Jul 25, 2011 (Dow Jones Commodities News via Comtex) -- --Strike at Escondida entered day five Monday
--Local labor office ruled company in "non-regulated talks"
--Union sought government-assisted mediation to end conflict
(Updates with comments from the president of the union regarding government mediation in paragraphs five, nine and 10.)
SANTIAGO (Dow Jones)--A regional labor office deemed the now five-day-old strike at Chilean copper mine Escondida as legal, a union leader at the world's largest copper mine said Monday.
The sole union at the mine went on strike late Thursday to protest what it calls unmet contract terms.
Union spokesman Marcelo Tapia told Dow Jones Newswires the Labor Office had approved a "nonregulated collective bargaining" process, which gives the strike legal ground to stand on.
Escondida, however, can still fire striking workers. Tapia vowed the strike will go on indefinitely if "just one single worker is fired."
The president of the union, Jose Tapia, said the group asked the labor office to act a mediators in the conflict. He added the union is waiting for a response from the mining company regarding the government's mediation.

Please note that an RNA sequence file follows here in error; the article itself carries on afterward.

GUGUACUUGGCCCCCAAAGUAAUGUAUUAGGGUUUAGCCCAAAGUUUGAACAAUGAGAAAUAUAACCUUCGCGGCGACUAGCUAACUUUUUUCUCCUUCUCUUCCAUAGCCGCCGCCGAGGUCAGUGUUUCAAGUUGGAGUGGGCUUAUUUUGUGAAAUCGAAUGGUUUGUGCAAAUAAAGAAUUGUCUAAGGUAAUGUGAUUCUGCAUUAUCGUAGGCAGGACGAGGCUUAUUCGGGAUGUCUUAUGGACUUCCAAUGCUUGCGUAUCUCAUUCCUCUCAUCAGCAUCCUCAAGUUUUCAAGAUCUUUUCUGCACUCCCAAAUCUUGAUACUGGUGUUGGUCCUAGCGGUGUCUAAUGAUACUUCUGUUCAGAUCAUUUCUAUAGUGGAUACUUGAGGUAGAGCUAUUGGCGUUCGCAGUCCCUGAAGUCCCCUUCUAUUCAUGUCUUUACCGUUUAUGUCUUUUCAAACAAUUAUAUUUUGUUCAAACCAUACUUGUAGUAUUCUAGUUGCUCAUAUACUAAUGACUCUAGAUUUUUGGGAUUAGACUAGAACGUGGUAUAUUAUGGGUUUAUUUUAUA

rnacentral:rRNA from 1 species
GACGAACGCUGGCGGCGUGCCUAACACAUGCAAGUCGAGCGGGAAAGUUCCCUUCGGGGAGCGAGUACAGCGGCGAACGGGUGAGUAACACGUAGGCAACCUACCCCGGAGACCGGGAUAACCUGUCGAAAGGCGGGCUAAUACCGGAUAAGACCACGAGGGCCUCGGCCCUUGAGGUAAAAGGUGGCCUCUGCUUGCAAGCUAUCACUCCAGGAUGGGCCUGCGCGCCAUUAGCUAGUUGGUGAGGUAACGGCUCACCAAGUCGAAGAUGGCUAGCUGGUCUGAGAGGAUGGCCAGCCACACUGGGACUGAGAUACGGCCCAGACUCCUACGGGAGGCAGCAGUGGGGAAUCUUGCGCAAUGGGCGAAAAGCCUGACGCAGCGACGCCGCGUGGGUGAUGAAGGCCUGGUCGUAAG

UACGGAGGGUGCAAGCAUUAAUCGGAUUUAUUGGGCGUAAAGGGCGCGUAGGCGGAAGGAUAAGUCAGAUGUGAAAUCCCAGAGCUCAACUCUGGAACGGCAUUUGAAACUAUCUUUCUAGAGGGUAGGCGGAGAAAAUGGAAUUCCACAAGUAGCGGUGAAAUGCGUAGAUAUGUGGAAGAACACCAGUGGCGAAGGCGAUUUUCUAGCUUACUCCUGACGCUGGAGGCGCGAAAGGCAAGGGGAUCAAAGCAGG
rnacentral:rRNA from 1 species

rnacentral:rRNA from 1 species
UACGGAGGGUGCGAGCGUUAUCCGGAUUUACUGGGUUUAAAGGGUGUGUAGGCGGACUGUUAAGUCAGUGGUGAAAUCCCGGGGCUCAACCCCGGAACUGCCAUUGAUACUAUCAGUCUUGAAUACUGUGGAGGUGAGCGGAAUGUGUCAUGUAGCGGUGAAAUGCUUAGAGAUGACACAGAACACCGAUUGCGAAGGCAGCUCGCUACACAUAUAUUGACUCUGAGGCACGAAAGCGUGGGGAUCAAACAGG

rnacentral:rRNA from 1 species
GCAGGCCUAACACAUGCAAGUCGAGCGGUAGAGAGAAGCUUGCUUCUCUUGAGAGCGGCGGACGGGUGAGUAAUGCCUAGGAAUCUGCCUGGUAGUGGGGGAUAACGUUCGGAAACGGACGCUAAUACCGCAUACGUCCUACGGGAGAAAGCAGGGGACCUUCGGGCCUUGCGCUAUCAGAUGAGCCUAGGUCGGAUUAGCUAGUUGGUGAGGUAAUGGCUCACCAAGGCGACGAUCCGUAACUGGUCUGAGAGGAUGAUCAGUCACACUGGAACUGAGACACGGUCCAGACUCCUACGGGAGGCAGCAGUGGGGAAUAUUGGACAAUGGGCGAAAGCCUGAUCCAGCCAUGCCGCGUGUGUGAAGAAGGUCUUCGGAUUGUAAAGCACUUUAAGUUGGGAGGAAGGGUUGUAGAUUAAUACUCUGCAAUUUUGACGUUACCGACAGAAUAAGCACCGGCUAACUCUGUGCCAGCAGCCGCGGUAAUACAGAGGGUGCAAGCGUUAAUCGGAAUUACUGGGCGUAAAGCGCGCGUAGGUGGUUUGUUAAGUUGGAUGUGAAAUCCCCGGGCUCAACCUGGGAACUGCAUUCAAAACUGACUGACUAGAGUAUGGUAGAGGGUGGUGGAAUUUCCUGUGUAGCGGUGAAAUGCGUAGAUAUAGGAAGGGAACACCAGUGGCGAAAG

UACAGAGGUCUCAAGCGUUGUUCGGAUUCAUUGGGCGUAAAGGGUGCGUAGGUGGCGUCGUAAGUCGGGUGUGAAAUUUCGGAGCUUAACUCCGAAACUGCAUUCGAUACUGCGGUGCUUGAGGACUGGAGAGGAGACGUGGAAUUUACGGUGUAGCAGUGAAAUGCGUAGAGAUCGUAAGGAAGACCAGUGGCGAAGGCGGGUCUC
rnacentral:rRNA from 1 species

The union, which represents 96% of the union-eligible labor force at the mine, contends that it is still in the process of bargaining the contract that went into effect in 2009 as the company hasn't met some of the terms in that contract.
Tapia said the 2,375-strong union has a list of demands that includes unmet housing benefits, the end of shifts lasting more than 12 hours, production bonuses and protection for sick workers.
Escondida, meanwhile, offered workers a per-person gross bonus of 2.8 million pesos ($6,060) to end the strike.
"It's not about the money. Our priorities are our labor and contract conditions," Tapia said. But the union seeks, in addition to the unmet benefits, a production bonus of CLP5 million.
This bonus would cost the company a total $25 million to pay out to its workers, Tapia said, noting that it's a small fraction of BHP's earnings from the fiscal year that just ended.
Officials at mine operator BHP Billiton Ltd. (BHP, BHP.AU) haven't responded to several requests for comment.
The union claims Escondida is losing about $30 million a day as it has halted production of roughly 3,000 metric tons of copper a day.
BHP Billiton holds a controlling 57.5% stake in Escondida, while Rio Tinto PLC (RIO, RIO.LN) holds 30%. The remaining 12.5% is held by a Japanese consortium led by Mitsubishi Corp. (MSBHY, 8058.TO).
Over the weekend, the Federation of Copper Workers umbrella union, or FTC, which represents most of the 16,000 staff workers at state copper giant Corporacion Nacional del Cobre, said it was backing Escondida's walkout.
"The FTC declared it's in a state of alert and that it's supporting our labor movement," Tapia said.
The FTC recently staged a one-day companywide strike at Codelco, as the state miner is known, to protest restructuring and what it called the first steps toward privatization.